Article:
Impatient. (Or: On the women in my entertainment).

Kat just saved her own life, thank you very much. And someone else’s, too. (PS You really need to start watching Alphas).

Was a time that women did not publicly kick ass. That time was very much up to and including my childhood, and it has only been in recent years (roughly corresponding to the advent of Buffy the Vampire Slayer) that our culture has allowed women to regularly be tough and authoritative (and yes, I know there were exceptions [Cagney & Lacey comes to mind] — but they were just that).

Nowadays, though, we can be seen kicking ass and taking names and running the show and shooting arrows and saving lives alllll over the place. Maybe not as much as I’d like? Maybe not  as much as I think generally reflects our abilities, experiences, and aspirations? But you know: It’s genuinely, really out there. Things have begun to change for real, and as a mother, I am so glad that my kids get to grow up into that change.

But I’m impatient. I want more.

And not just more of the above. Not just more of Buffy, and Katniss (Hunger Games), and Zoe (Firefly), and Kat (Alphas), and Black Widow (Avengers) and so on. I want more kinds of women.

Like our women detectives (Olivia Benson, Brenda Leigh Johnson) and our paradigm-shifting princesses (Snow White, Merida) and our comedic powerhouses (Liz Lemon [crossing my fingers for Mindy Lahiri!]), every single one of the women I’ve just listed is absolutely lovely. And slender. And in the cases of Buffy, Kat, and Black Widow, positively tiny.

We are willing to allow our women to be powerful, it seems, as long as they don’t look it (and, all too often, as long as some part of their lives is really messed up).

I realize that this is not news, breaking or otherwise, nor am I the first person to call attention to it. But as I sat watching Alphas the other night, absolutely lovinglovingloving the teeny-tiny character that is Kat, I couldn’t help but feel the old impatience rise.

It’s the same impatience I felt when, emerging from Avengers (one of my favorite movies in recent history), my first thought (after “OMFGTHATWASAWESOME!!”) was: “The only women in that movie looked like you could snap them in half. Including the one whose job it was to snap you first.”

It’s the same impatience I feel all the time. Because it’s the same problem everywhere.

There’s no reason to write the Buffies and the Black Widows and the Kats any differently. Small ladies can be powerful too! Beauty is no impediment to badassery! Grrl Power!

But for heaven’s sake.

First of all, in most cases, physical prowess requires at least a little physical ballast, and women (in fact) can be soft-n-squishy and still command authority. Moreover, women are as many and varied as men. Take a good hard look at the men on our screens, both big and small: Very few of them are genuinely fat, and most of them are some kind of good-lookin’ — but they’re much more representative of actual men in actual society than the women ever are. Because men are allowed to be many and varied.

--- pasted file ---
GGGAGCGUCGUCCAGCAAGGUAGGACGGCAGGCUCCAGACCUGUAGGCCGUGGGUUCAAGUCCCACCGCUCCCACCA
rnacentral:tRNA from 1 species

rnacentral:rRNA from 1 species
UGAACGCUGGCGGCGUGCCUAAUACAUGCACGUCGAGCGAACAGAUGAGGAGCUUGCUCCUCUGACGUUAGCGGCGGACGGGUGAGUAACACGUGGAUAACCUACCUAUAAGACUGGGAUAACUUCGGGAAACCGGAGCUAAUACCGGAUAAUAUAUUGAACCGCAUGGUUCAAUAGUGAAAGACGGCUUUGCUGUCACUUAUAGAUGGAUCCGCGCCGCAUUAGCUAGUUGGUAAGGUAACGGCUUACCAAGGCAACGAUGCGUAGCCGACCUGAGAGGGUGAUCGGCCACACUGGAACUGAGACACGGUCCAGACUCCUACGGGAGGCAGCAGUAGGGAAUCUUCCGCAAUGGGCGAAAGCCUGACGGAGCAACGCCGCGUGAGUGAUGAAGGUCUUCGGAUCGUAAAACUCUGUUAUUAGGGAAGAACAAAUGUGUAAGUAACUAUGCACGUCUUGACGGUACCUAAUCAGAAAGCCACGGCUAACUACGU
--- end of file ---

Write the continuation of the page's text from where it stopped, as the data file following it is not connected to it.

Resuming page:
So, even as I enjoy and hail the changes (bows and arrows and underwater lock-picking — oh my!), I can’t wait for us to cover more ground. I can’t wait for us to open the door even further to all the many wonderful ways of being human that women have found.



  1. socioprof

     /  October 10, 2012

    You like Alphas? I like Alphas. Kiddo#1 watches with me during my DVR marathons on the weekends.

    • Phew! I was afraid we were going to have to call the whole thing off over your inexplicable love of things Halloween. Ahem.

      Yes, I love Alphas! Indeed, it is my opinion (but don’t tell your boys, because they may stop liking me) that Alphas > X-Men.

  2. Neocortex

     /  October 10, 2012

    I’m going to be a partisan here and point out that Babylon 5 and Star Trek DS9 were both featuring major characters who were tough powerful badass women years before Buffy came on the air. Kira Nerys might be one of the toughest, most badass female characters ever on TV.

    I agree with the post though.

  3. I remember watching Rosanne as a kid. I was too young and in too conservative a setting to get the wonderful message about class that show broadcast. I remember it being about a strong (read bossy) woman running her household. I also remember it being a comedy about fat people. It wasn’t until I looked at Ms Barr’s webpage recently that I realized that she’s not fat at all. Just not anorexic like the rest of Hollywood’s females.

    I also love Josh Whedon’s decision to ask Jewel Staite (Kaylee) to put on some weight for the role so she looked like a mechanic. Change is coming, slowly. I recognize that and second your impatience.

  4. Bookwoman

     /  October 11, 2012

    I don’t watch any of these here new-fangled shows/movies (except for Firefly/Serenity, which my daughter thrust upon me and I really enjoyed). When I think of strong women, I think of Diana Rigg as Emma Peel in The Avengers; she was indeed thin and gorgeous, although at least womanly, not like a teenage waif. She kicked ass, literally.

    Then I think of Helen Mirren as Jane Tennison in the original BBC Prime Suspect, a middle-aged, slightly squishy woman who kicked ass with her brain (which is sort of like killing you with your brain ;)) and was a very real character with very real problems. If only there were more characters like her.